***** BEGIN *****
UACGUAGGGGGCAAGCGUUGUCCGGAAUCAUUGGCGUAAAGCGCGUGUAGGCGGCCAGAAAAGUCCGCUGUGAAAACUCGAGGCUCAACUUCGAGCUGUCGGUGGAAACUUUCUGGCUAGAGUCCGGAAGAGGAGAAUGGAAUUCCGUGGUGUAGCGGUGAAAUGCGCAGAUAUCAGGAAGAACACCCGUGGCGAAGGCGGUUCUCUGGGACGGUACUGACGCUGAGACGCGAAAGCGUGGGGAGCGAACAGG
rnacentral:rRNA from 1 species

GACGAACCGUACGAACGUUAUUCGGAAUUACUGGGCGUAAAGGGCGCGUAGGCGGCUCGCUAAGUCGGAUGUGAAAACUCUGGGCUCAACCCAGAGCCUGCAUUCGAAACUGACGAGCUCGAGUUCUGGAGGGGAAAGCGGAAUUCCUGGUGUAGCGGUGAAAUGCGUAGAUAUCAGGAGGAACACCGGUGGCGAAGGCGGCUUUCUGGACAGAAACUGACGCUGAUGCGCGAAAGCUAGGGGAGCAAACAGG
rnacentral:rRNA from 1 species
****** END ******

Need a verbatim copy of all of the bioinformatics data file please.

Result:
UACGUAGGGGGCAAGCGUUGUCCGGAAUCAUUGGCGUAAAGCGCGUGUAGGCGGCCAGAAAAGUCCGCUGUGAAAACUCGAGGCUCAACUUCGAGCUGUCGGUGGAAACUUUCUGGCUAGAGUCCGGAAGAGGAGAAUGGAAUUCCGUGGUGUAGCGGUGAAAUGCGCAGAUAUCAGGAAGAACACCCGUGGCGAAGGCGGUUCUCUGGGACGGUACUGACGCUGAGACGCGAAAGCGUGGGGAGCGAACAGG
rnacentral:rRNA from 1 species

GACGAACCGUACGAACGUUAUUCGGAAUUACUGGGCGUAAAGGGCGCGUAGGCGGCUCGCUAAGUCGGAUGUGAAAACUCUGGGCUCAACCCAGAGCCUGCAUUCGAAACUGACGAGCUCGAGUUCUGGAGGGGAAAGCGGAAUUCCUGGUGUAGCGGUGAAAUGCGUAGAUAUCAGGAGGAACACCGGUGGCGAAGGCGGCUUUCUGGACAGAAACUGACGCUGAUGCGCGAAAGCUAGGGGAGCAAACAGG
rnacentral:rRNA from 1 species